I don’t know what it was like in Germany, but for the last two weeks, we’ve had typical London weather „down here“. When you’re stuck at work, the sun is shining and the birds are singing while bathing in light made of pure gold. As soon as it’s time for lunch, it’s raining cats and dogs. Back in the office, it starts all over again. Outside the light that screams to be photographed, inside neon light. And it stays like this until shortly before quitting time, when the apocalyptic mood takes over again. Instead of “golden hour” and photographing on my way home, it’s time for “happy hour” with colleagues at the bar. When the factual autumn in the midst of the calendric summer was finally over, I had to wipe a perceived kilo of dust off my 18-35/1.8 and SD1M, before I could go out to take pictures again. ;) Continue reading →
Arthur Tress, born in November 1940, was only in his twenties when he discovered his fascination for nightmares, especially the ones children have. He got the idea of photographically dealing with this topic when he attended a lesson in The Touchstone Center, founded by Richard Lewis, who he collaborated with during that time. In this lesson, children were asked to write essays about and sketch pictures of their dreams. The interesting bit about Tress’ project is a certain similarity to bugbears and horror movie scenes. Considering the fact that he brought his project into being at the end of the 60ies, it becomes clear where some film makers got their ideas from. ;)
Again, it’s time to celebrate yet another milestone. 500,000 views is such a nice, round number, and I think this is a great accomplishment for a hobby blog that is run just for the fun of it. :) Please don’t hold it against me if I reply to your comments with a slight delay. If I did this for a living, as for instance Mister Steve Huff, it would be easy for me to sit by my computer all day long and reply to comments in real-time. The way it is, though, “real life” takes priority.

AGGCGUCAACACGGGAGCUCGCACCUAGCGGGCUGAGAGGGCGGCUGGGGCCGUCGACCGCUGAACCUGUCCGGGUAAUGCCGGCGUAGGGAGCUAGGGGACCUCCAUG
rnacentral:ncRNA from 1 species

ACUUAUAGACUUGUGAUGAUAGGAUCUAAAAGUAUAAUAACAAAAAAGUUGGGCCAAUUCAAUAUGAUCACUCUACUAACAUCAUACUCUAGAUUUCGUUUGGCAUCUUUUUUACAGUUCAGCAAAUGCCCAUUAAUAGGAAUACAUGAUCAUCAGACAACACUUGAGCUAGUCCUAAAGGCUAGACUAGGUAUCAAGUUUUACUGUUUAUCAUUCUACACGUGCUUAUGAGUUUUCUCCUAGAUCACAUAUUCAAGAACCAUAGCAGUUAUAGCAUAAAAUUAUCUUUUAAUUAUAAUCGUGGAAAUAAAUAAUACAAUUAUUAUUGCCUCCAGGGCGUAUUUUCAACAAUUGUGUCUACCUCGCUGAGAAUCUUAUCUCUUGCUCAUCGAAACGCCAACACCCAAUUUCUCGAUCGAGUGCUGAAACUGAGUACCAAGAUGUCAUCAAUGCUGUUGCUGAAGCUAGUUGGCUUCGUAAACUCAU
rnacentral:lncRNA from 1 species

New DP2 Quattro sample images and reviews are published on a daily basis, but we mustn’t forget that Sigma is, above all, a lens manufacturer, and that many new lenses are currently being worked on in Aizu. ;) Several days ago, Sigma-Rumors posted a list of all lenses and cameras that are rumored to be in the pipeline. The interesting thing about this list is not the lenses and cameras per se (Sigma fans are long familiar with such rumors), but rather the specification of probability offered by the SR admin. As one would expect, the persistent rumor centering on a full frame camera that has been going around for a perceived eternity now is being classified as highly improbable with 0%. ;) Rumors about the Micro 4/3 camera by Sigma turned out to be wrong with the announcement of the Quattro. However, the question remains whether Sigma will leave it at the 3 DPs or whether one or two further focal lengths are being worked on. The SR admin deems further DPs likely, but I am not so sure about that.
We as photographers know that an increase in megapixels hardly ever results in a higher, practically usable image quality. Especially for tiny sensors, such as the ones found in affordable compact cameras and smart phones, higher megapixels lead to a decrease in image quality (lower color depth, more noise etc.). As researchers of the TU Berlin and the Telekom Innovation Laboratories demonstrated on the latter’s 10-year celebration, it is possible to use the front camera of a smart phone to read reflections of the smart phone screen in one’s eyes or even more easily on one’s glasses, if the user has any. Also, as heise.de reports, the back camera lets you scan fingerprints of the user when grabbing the smart phone. The higher resolving the camera, the easier it may be misused for espionage activities. When spying on someone, noise and color depth are of little importance, anyway. ;)
Do you remember the „devilishly attractive“ and by now widely known criminal Jeremy Meeks I covered here? When his mug shot circulated all over the internet two weeks ago, some jesters came up with the idea of photoshopping a Calvin Klein ad from it. This and other montages made decision-makers in at least one modeling agency (Blaze Models in Los Angeles) realize Meeks’ potential. According to latest news, the U.S. American criminal is being represented by Gina Rodriguez of GR Media, who also takes care of other internet celebrities such as Patricia Krentcil (also known as Tan Mom). Meeks is said to have already signed the modeling contract with Blaze Models in the amount of $30.000.